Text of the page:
《TAIPEI TIMES》 Lam won’t say how media can avoid arrest
Hong Kong Chief Executive Carrie Lam speaks at her regular weekly news conference in Hong Kong yesterday. Photo: AFP
By Helen Davidson / The Guardian, TAIPEI
Hong Kong Chief Executive Carrie Lam （林鄭月娥） has refused to clarify how journalists can avoid breaking the vaguely defined National Security Law following the raid and prosecution of journalists at pro-democracy newspaper the Apple Daily.
Lam at a regular weekly news conference yesterday defended the arrest of senior Apple Daily executives under the legislation — two of whom have been charged with conspiracy to collude with a foreign nation — as well as the raid of its newsroom and the freezing of its assets.
The Apple Daily has said it would cease online publication this week unless its assets are unfrozen. It closed its English edition yesterday.
Lam denied it was an attack on press freedom and said foreign criticism of the police operation, including from rights groups and governments, was simply an attempt to recast acts that endangered national security.
“Don’t try to underplay the significance of breaching the National Security Law and don’t try to beautify these acts of endangering national security,” Lam said. “Don’t try to accuse the Hong Kong authorities of using the National Security Law to suppress the media or stifle freedom of expression.”
Authorities said the raid and arrests related to more than 30 articles that called for foreign sanctions against the Hong Kong and Chinese governments.
Authorities have refused to specify the articles in question, or say whether they were news or opinion.
Authorities have repeatedly refused to tell media how their work might breach the vaguely defined legislation, including through publishing quotes, comments or analysis by third parties.
Lam said that “normal journalistic work would not endanger national security.”
She said the law was “very well defined” and “embraced all the important legal concepts,” but again gave no explanation of how it applied specifically to journalism.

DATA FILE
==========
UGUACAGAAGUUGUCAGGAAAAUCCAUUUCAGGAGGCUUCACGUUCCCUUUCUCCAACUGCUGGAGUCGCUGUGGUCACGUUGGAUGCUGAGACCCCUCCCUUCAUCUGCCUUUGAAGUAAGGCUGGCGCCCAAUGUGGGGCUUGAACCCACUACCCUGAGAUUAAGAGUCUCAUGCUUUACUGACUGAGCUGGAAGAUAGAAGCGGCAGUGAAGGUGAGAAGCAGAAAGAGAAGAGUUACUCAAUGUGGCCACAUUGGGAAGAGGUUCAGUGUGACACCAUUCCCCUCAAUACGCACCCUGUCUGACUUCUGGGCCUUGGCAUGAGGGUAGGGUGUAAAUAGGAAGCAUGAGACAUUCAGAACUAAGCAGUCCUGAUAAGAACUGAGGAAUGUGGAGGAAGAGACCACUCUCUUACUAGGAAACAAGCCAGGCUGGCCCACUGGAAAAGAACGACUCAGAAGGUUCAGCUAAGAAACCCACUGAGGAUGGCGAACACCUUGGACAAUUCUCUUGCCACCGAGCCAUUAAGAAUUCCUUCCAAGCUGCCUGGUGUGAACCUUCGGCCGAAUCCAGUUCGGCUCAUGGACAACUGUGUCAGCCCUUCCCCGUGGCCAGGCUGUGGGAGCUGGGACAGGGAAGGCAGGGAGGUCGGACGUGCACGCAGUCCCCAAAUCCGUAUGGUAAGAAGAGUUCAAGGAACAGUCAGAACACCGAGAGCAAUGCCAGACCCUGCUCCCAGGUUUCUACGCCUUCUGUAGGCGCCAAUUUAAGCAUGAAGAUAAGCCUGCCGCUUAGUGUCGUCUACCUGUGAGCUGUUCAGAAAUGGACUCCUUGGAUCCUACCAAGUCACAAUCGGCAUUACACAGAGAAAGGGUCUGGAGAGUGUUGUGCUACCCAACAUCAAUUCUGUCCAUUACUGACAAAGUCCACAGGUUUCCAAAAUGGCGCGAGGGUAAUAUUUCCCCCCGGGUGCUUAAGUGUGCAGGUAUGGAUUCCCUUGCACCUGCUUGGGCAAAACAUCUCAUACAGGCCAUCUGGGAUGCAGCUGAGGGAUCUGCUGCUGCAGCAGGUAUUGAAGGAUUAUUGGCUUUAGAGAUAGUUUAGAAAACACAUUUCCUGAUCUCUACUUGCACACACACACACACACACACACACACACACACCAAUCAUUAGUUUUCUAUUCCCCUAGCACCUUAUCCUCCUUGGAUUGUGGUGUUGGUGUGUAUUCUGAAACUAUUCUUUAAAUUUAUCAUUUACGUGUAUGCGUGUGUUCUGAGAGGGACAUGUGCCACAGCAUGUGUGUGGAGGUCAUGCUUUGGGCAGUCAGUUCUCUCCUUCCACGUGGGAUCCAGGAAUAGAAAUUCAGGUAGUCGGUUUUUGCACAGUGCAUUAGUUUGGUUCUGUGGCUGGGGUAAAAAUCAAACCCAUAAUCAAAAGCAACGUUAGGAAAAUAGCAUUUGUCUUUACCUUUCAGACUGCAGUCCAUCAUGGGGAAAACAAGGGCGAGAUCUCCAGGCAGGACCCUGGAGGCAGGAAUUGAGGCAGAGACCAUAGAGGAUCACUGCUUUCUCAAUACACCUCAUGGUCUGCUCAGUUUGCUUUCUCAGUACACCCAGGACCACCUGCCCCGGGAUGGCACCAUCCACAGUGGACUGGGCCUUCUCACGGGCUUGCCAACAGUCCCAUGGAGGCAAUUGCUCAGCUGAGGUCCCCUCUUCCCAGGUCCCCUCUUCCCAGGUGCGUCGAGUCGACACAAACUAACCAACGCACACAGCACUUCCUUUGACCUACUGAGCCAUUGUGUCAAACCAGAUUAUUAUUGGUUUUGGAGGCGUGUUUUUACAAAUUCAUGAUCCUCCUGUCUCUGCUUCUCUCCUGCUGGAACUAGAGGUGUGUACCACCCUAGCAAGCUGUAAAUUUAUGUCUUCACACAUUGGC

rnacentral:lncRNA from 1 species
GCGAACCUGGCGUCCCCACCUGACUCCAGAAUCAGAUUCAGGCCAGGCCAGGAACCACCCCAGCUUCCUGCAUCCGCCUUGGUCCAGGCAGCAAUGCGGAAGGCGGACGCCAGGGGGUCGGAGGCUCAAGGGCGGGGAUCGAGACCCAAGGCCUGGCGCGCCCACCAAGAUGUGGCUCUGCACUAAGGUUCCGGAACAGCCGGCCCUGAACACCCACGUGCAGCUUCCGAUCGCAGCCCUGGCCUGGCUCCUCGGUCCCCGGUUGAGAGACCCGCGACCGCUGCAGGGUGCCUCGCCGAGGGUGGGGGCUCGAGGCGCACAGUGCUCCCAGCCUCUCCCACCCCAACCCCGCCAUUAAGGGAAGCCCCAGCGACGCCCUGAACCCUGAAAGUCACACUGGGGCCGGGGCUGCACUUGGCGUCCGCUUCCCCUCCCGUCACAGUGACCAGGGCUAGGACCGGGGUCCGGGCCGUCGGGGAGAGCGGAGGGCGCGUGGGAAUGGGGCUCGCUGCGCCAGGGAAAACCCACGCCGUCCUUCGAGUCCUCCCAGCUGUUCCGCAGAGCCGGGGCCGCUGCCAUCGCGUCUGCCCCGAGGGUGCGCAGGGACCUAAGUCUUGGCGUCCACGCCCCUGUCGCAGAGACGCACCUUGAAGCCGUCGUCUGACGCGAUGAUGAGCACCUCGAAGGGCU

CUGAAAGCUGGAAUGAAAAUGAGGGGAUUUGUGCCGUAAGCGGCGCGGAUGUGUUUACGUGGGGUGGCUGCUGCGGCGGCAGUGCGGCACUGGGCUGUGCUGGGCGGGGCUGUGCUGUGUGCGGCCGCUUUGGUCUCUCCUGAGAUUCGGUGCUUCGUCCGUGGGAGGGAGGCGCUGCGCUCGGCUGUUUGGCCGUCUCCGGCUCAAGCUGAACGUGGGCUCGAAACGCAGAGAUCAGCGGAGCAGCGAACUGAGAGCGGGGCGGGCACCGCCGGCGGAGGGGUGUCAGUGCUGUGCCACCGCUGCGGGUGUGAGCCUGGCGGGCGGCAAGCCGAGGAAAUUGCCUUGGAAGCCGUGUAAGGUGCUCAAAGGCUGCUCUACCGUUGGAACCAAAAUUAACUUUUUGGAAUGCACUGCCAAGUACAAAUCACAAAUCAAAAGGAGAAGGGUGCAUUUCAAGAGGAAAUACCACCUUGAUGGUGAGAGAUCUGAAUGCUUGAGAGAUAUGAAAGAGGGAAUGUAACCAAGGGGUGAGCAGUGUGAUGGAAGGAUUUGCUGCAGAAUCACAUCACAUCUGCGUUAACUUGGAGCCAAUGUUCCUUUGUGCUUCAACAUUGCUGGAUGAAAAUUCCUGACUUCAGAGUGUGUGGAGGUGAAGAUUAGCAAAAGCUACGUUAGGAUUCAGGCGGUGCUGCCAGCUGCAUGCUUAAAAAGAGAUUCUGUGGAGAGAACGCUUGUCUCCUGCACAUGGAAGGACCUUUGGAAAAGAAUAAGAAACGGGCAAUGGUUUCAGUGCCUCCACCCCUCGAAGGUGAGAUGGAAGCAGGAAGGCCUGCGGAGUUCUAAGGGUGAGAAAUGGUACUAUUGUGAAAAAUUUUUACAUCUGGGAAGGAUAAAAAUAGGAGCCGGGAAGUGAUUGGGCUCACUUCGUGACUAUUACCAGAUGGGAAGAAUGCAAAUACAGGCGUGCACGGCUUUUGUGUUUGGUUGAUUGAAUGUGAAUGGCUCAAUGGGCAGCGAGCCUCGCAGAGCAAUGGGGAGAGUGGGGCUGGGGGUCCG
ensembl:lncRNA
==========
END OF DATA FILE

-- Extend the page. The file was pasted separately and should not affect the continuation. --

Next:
“I believe media friends have the ability to grasp what kind of activities endanger national security,” she said. “It is fine to criticize the Hong Kong SAR [Special Administrative Region] government, but if there is an intent or organizing of activities to incite or subvert the government, that is another thing.”
Asked about the requests by Next Digital Ltd （壹傳媒）, the parent company of the Apple Daily, to have its assets and accounts unfrozen so it could pay its employees, Lam said the decision was up to the Hong Kong secretary of security.
Apple Daily, a pro-democracy tabloid owned by media mogul Jimmy Lai （黎智英）, has been a key target of the authorities’ efforts to stifle Hong Kong’s press.
Lai has been in jail since December last year and is awaiting trial on three National Security Law charges.
Hong Kongers have bought copies of the newspaper in huge numbers, as an apparent show of support for the beleaguered title.
Thursday last week’s raid on the newsroom was the second in less than a year and came with an unprecedented warrant to seize journalistic materials.
It froze an estimated HK$18 million （US$2.3 million） in assets and locked accounts holding more than US$500 million, Lai’s senior adviser Mark Simon said.
The move, occurring before any prosecution had begun, left the company unable to pay future operational costs or wages.
The board of Next Digital have told staff that if the funds are not released, they would likely close the paper this week.
The newspaper on Monday broadcast its final live news show online, thanking its audience and urging Hong Kong’s remaining media to stay steadfast and defend the truth, public broadcaster Radio Television Hong Kong reported.
It ceased its English-language service yesterday.
“This concludes the updates from Apple Daily English. Thank you for your support,” it said.